The Inkpot Quartet

By Art Leisure
IRSBD Critic At Large

I was in the audience last night at the Drawing Board Center for the Arts, attending the Inkpot Quartet’s most recent performance. The usual large crowd, invisible in the dark, waited for the performance to begin.

Things started off, as in all this group’s performances, with completely empty space, bathed in white light. Mirado Black Warrior Number Two, the group’s leader, appeared. After much fidgeting and head-scratching, he gazed skyward for a period of time, then began to sketch out the theme for what would be this evening’s performance. Eberhard Faber, the oldest member of the band, joined in with a few deft scrubs here and there, wielding his eraser in an impressive display of corrective expertise. After a while the separate lines of the composition began to coalesce into recognizable shapes. The intersecting lines formed first the corner, then a full representation of the interior of a room. Gradually, various furnishings appeared in the composition as well, indicating that the room was actually a doctor’s office. The audience had a few moments to absorb this scene before a figure became visible, that of a doctor with his arms crossed, speaking to what appeared to be a dismembered human foot on his examination table. (A few gasps could be heard in the audience). At this point, Rapeed O’Graff stepped in, soloing aggressively with ink and penpoint, emphasizing the lines previously laid down by his band-mates and embellishing important parts of the composition with his characteristically dark interpretations of various key elements. Another improvised solo, this one from the excellent Windsor Newton, followed. He expertly utilized his paintbrush, loaded with an ingenious mixture of ink and water, adding subtle shading and shadowy effects to the piece. There was a pause, then Mr. Warrior returned. He approached the single microphone at the foot of the stage. Clearing his throat, he began to speak, carefully enunciating the caption, the climax of the piece, for which the audience had been waiting in breathless anticipation:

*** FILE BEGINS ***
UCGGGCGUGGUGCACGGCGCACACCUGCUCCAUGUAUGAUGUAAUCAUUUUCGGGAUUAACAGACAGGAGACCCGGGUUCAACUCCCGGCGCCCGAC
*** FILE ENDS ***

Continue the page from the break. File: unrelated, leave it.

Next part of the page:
The crowd sat in stunned silence for a few moments before breaking into tepid applause and then quickly heading for the exits.

This reviewer now waits again on the edge of his chair, anticipating tomorrow’s performance by this unpredictable but persistent group.



  1. Paul Karasik says:

    Say, this is quite humorous. Have you ever considered going into the field of humor?

Leave a Reply

Your email address will not be published. Required fields are marked *